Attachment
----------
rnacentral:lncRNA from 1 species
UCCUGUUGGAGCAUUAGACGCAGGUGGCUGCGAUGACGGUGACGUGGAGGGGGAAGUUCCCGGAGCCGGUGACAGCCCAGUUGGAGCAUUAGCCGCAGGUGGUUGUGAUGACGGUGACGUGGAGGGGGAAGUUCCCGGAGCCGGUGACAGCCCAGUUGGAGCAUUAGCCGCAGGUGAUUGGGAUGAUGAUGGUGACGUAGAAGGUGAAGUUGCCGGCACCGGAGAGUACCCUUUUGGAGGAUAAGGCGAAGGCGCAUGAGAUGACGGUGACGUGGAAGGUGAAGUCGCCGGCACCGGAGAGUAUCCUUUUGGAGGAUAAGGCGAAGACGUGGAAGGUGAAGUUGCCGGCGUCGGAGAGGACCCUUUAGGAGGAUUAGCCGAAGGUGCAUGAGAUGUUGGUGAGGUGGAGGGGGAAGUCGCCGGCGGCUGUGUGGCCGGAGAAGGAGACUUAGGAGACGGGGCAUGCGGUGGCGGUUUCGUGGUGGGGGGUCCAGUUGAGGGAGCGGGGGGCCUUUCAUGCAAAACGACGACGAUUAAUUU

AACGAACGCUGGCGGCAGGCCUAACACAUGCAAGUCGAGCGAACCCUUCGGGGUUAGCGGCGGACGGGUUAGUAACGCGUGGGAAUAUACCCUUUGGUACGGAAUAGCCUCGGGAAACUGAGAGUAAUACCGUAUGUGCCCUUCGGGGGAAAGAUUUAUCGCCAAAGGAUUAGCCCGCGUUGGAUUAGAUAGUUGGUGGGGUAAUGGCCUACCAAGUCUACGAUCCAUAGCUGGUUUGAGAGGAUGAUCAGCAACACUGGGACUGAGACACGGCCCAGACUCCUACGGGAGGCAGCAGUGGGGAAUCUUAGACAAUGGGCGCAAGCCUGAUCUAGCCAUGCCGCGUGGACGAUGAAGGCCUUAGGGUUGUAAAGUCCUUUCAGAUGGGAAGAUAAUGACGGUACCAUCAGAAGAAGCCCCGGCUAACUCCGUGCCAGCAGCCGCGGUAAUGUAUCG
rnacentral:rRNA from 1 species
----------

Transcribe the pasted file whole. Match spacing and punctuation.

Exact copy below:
rnacentral:lncRNA from 1 species
UCCUGUUGGAGCAUUAGACGCAGGUGGCUGCGAUGACGGUGACGUGGAGGGGGAAGUUCCCGGAGCCGGUGACAGCCCAGUUGGAGCAUUAGCCGCAGGUGGUUGUGAUGACGGUGACGUGGAGGGGGAAGUUCCCGGAGCCGGUGACAGCCCAGUUGGAGCAUUAGCCGCAGGUGAUUGGGAUGAUGAUGGUGACGUAGAAGGUGAAGUUGCCGGCACCGGAGAGUACCCUUUUGGAGGAUAAGGCGAAGGCGCAUGAGAUGACGGUGACGUGGAAGGUGAAGUCGCCGGCACCGGAGAGUAUCCUUUUGGAGGAUAAGGCGAAGACGUGGAAGGUGAAGUUGCCGGCGUCGGAGAGGACCCUUUAGGAGGAUUAGCCGAAGGUGCAUGAGAUGUUGGUGAGGUGGAGGGGGAAGUCGCCGGCGGCUGUGUGGCCGGAGAAGGAGACUUAGGAGACGGGGCAUGCGGUGGCGGUUUCGUGGUGGGGGGUCCAGUUGAGGGAGCGGGGGGCCUUUCAUGCAAAACGACGACGAUUAAUUU

AACGAACGCUGGCGGCAGGCCUAACACAUGCAAGUCGAGCGAACCCUUCGGGGUUAGCGGCGGACGGGUUAGUAACGCGUGGGAAUAUACCCUUUGGUACGGAAUAGCCUCGGGAAACUGAGAGUAAUACCGUAUGUGCCCUUCGGGGGAAAGAUUUAUCGCCAAAGGAUUAGCCCGCGUUGGAUUAGAUAGUUGGUGGGGUAAUGGCCUACCAAGUCUACGAUCCAUAGCUGGUUUGAGAGGAUGAUCAGCAACACUGGGACUGAGACACGGCCCAGACUCCUACGGGAGGCAGCAGUGGGGAAUCUUAGACAAUGGGCGCAAGCCUGAUCUAGCCAUGCCGCGUGGACGAUGAAGGCCUUAGGGUUGUAAAGUCCUUUCAGAUGGGAAGAUAAUGACGGUACCAUCAGAAGAAGCCCCGGCUAACUCCGUGCCAGCAGCCGCGGUAAUGUAUCG
rnacentral:rRNA from 1 species